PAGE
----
Sanders and Ellison introduce bill to end over $135 billion in fossil fuel handouts
WASHINGTON, D.C. – In honor of Earth Day, Senator Bernie Sanders (I-Vt.) and Representative Keith Ellison (D-Minn.) reintroduced the End Polluter Welfare Act to stop taxpayer-funded giveaways to oil, gas and coal companies. Targeting a range of subsidies for repeal — including tax breaks, loan guarantees, and government-sponsored R&D — the bill would save taxpayers over $135 billion over ten years.
Unlike renewable energy tax breaks, which expire and require congressional approval for extension, the mega-tax breaks of the fossil fuel industry are permanent parts of the tax code. These provisions funnel massive amounts of money super-profitable corporations and reduce the competitiveness of renewable energy. Ending these giveaways is an important step to fighting the climate crisis and raising revenue for much-needed social programs.
In response, a number of environmental groups joined together in support of the bill:
“The challenge of this generation is keeping dirty fuels in the ground. The best place to start is by ending policies that send billions to the corporations doing the digging,” said Lukas Ross, climate and energy campaigner at Friends of the Earth.
“As our country finally begins the journey to reduce and eliminate our carbon footprint, we must make oil and gas polluters pay their due share. The era of subsidized fossil fuel destruction must end,” said Bill Snape, senior counsel at the Center for Biological Diversity.
“American taxpayers shouldn’t have to subsidize the dirty work of some of the world’s richest companies, like Chevron, BP and ExxonMobil. To avoid poisoning our air, water and climate, we must leave dirty fossil fuels in the ground, not spend taxpayer dollars pulling them out. That’s why the Sierra Club applauds Senator Sanders and Congressman Ellison for this bill to save taxpayers money and make Big Oil and Gas companies pay their own way,” said Athan Manuel, Lands Protection Program director for the Sierra Club.
“It is high time that Congress stop wasting tax money propping up coal, oil and gas,” said Kyle Ash, senior legislative representative at Greenpeace. “Fossil energy is a bad investment for the economy, the climate and public health.”
“It’s time to stop spending our hard-earned taxpayer dollars on polluting the air we breathe, the water we drink and the places we love. This bill is a winner for our environment and our pocketbooks,” said Anna Aurilio, Washington, D.C., director for Environment America.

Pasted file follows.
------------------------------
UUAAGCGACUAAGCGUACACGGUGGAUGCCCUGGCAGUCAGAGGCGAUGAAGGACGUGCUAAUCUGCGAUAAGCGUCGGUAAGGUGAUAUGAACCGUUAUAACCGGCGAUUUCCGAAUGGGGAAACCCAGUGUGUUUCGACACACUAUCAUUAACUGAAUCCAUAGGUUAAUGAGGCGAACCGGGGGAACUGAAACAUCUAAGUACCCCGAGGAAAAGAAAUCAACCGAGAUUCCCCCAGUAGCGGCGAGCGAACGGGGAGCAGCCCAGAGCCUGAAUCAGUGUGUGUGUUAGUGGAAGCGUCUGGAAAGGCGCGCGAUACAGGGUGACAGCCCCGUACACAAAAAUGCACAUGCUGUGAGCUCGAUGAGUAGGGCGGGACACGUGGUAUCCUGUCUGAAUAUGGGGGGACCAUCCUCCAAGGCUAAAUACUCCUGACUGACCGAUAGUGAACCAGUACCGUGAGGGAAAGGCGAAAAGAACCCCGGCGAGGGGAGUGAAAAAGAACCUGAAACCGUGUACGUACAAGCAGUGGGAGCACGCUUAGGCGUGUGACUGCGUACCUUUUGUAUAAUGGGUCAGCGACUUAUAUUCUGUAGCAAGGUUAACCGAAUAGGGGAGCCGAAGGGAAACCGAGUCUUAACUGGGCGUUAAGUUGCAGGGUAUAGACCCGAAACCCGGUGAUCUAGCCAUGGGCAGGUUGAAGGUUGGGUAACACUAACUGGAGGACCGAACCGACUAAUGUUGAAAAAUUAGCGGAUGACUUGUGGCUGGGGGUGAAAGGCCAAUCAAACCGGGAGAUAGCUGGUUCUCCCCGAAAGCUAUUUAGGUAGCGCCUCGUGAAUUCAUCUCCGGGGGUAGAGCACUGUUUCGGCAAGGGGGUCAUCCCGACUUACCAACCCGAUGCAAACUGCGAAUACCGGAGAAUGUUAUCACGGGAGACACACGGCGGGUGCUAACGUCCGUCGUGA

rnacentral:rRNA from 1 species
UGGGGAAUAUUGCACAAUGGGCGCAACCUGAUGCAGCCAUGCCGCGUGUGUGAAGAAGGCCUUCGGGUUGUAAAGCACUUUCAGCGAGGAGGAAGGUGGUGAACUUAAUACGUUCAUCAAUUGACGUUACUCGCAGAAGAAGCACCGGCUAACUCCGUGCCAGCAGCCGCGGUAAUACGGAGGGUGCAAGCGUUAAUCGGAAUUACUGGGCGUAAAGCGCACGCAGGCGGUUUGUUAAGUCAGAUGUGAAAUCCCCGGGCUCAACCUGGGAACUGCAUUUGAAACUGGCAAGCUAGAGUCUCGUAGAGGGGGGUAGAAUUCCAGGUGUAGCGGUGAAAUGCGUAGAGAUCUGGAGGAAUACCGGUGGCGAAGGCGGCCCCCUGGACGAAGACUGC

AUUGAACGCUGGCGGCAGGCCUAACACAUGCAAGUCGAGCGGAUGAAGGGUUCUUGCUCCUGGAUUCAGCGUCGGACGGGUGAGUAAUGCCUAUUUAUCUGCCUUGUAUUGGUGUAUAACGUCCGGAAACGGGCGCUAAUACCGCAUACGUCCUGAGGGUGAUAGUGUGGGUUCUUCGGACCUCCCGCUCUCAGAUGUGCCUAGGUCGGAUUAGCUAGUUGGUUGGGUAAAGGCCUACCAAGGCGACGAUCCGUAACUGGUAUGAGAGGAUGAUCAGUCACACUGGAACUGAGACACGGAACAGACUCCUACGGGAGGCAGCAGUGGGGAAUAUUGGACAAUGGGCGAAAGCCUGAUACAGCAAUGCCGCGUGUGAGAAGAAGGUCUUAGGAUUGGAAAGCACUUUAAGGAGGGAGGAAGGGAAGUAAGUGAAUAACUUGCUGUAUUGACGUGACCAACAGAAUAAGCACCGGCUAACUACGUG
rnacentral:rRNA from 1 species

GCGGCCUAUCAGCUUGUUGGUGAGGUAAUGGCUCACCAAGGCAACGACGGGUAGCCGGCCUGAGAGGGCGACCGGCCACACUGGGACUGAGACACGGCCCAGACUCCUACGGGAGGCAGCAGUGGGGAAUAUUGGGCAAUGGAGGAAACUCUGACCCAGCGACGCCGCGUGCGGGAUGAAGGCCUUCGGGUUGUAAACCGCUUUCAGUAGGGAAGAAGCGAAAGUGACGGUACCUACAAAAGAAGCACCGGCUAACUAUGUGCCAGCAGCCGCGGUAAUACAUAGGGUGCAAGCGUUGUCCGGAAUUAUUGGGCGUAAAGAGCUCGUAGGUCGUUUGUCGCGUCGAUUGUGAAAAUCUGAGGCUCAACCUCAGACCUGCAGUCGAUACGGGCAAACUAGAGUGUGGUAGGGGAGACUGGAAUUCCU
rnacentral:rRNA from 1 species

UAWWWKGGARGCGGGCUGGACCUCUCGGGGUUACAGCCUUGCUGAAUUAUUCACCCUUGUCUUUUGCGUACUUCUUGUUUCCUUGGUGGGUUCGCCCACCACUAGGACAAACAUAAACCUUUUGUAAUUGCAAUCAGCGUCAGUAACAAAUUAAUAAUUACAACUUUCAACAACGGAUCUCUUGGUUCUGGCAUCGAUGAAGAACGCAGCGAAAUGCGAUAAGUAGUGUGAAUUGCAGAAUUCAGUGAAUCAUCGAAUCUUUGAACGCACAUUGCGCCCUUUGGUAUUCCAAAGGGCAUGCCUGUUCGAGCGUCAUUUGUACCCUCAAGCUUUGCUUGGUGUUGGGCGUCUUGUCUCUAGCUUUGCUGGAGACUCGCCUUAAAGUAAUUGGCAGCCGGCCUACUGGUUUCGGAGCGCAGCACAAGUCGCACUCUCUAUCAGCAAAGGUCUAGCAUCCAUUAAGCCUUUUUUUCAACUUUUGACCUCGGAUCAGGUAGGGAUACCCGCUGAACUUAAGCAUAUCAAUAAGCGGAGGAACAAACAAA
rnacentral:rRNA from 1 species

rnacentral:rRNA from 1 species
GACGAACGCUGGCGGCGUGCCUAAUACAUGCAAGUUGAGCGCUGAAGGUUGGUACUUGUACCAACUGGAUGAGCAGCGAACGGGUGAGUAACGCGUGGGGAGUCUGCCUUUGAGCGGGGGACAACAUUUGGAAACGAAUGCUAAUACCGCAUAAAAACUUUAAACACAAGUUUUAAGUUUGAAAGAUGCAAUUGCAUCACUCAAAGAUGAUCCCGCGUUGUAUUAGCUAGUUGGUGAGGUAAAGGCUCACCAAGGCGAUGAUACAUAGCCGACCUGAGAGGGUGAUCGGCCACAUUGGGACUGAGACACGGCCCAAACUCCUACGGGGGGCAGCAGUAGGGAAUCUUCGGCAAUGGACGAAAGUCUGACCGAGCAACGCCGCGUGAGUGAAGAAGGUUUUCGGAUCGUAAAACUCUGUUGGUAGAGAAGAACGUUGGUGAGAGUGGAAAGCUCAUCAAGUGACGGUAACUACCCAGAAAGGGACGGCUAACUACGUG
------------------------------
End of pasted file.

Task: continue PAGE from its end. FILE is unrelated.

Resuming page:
“We shouldn’t be subsidizing last century’s dirty energy. Our leaders need to lean into 21st century clean energy solutions that create work, wealth and health for everybody, including Americans hit hardest by pollution and poverty,” said Jeremy Hays, executive director of Green For All.
“Ending taxpayer handouts to dirty energy companies is a bold first step toward on the path to a sustainable, democratic and equitable economy in the U.S.,” said Janet Redman, director of the Climate Policy Program at the Institute for Policy Studies. “Our public dollars should be spent on a clean energy transition that’s good for workers and their families, not to prop up an industry that gets rich by driving us to the brink of climate disaster.”
“Taxpayer support for fossil fuels is wasteful, destructive and wrong in so many ways. Senator Sanders and Representative Ellison are to be congratulated for their efforts to end these subsidies. Subsidies for oil, coal and gas are nothing short of climate denial and we must demand that our government stop it immediately,” said Stephen Kretzmann, executive director of Oil Change International.
Lukas Ross, Friends of the Earth, (202) 222-0724, [email protected]
Bill Snape, Center for Biological Diversity, (202) 536-9351, [email protected]
Kyle Ash, Greenpeace, (202) 319-2417, [email protected]
Anna Aurilio, Environment America, (202) 725-0268, [email protected]
Kristina Avery, Green For All, (541) 914-9744, [email protected]
Radha Adhar, Sierra Club, (202) 675-2390, [email protected]
Janet Redman, Institute for Policy Studies, (202) 787-5215, [email protected]
Steve Kretzmann, Oil Change International, (202) 497-1033, [email protected]